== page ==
In almost parallel to the KFF news, the New England Journal of Medicine published a follow-up study of the “Oregon experiment.” For those who haven’t been following closely, the study found that previously uninsured people who were enrolled in Medicaid did not see an improvement in clinical measures when compared to those who remained uninsured. The study did seem to show a reduction in the amount of financial distress for the insured however.
Another contentious study, another Rorschach test (example, example). The problem we see with the polarity of views is that both sides seem to be cranking up the extrapolation machine and use single studies/data points to draw broad conclusions to gin up opinions about ACA’s success or lack thereof. In light of the fact that for most practical matters ACA doesn’t really get going until 2014, use of the extrapolation noise generator approach smacks of a lack of analytical rigor in our view. We will know soon enough how the program is doing… exchanges start enrolling on 10/1.
As investors, we should state upfront that we tend to give more weight to financial returns than what the philosopher-kings might call the political context. So what caught our eye in the Oregon study was that Medicaid recipients had higher healthcare utilization rates (and associated costs) than the uninsured. The connection between gaining insured status and healthcare utilization should not come as a surprise since there is a very extensive literature elucidating this connection.
Recently, there has been an uptick in newsflow around the “series A crunch”/ “the valley of death” in regards to financing. Because of who we are (a firm that connects investors with private equity investments); we at Poliwogg see a lot of the “crunched” and “valley-dwellers.” We have some good news. The good news is that we are seeing increased interest on the part of accredited investors who have not invested in private companies before and who are now more open to the idea in light of lackluster returns in other asset classes. Aggregating this group of investors allows for investments in the range that are too large for a traditional “friends and family” round but are too small for traditional institutional investors where the crunch is most pronounced. The caveat is that companies need to be ready to meet the demands of this new crop of investors. Probably, what will be required will be more stringent than what companies have been asked for in the past. On the plus side in exchange for more requirements, these investors are often more patient and more passionate (especially in the disease categories) than traditional investors.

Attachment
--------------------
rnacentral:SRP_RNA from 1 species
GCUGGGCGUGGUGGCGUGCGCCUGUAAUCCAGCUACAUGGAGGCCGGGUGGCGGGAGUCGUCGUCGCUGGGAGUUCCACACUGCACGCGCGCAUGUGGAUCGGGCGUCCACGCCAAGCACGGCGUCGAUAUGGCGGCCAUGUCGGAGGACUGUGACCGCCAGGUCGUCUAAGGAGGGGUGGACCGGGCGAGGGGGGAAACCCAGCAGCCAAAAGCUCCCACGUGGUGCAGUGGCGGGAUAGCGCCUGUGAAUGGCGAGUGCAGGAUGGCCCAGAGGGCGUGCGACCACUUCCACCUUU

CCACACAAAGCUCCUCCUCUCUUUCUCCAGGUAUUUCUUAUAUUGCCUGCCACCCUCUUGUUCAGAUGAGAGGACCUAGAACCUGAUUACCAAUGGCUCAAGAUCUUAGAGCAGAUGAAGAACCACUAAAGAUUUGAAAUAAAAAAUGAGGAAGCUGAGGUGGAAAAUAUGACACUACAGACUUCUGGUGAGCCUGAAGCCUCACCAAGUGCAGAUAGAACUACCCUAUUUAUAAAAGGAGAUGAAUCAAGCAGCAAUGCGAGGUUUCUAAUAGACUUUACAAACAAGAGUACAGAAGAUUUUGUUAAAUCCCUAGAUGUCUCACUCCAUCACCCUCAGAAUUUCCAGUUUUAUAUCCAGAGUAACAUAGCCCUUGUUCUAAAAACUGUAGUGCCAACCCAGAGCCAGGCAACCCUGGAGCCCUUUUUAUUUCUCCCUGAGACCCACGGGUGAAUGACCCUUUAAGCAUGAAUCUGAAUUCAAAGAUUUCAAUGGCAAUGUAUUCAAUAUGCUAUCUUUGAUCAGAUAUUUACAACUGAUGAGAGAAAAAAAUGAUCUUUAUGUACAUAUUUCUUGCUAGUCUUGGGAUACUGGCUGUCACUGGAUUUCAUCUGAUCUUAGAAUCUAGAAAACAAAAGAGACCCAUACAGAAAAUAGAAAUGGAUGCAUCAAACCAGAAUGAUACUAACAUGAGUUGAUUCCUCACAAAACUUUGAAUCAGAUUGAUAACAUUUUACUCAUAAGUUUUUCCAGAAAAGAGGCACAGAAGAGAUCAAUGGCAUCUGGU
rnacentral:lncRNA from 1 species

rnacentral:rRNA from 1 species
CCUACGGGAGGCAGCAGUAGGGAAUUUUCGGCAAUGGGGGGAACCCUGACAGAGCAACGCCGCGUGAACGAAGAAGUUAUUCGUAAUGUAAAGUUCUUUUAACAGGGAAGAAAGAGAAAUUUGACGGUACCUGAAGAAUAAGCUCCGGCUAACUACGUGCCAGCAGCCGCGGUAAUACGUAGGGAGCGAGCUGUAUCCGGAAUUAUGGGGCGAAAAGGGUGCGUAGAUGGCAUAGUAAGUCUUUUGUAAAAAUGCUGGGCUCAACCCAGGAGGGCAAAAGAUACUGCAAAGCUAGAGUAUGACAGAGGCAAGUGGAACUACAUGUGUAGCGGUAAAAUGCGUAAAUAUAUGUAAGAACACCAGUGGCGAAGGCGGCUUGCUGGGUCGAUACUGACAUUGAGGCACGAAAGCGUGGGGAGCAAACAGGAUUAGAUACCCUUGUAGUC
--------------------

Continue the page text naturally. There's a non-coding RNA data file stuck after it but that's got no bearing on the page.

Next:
A few observations about what we are seeing (we view mostly healthcare companies):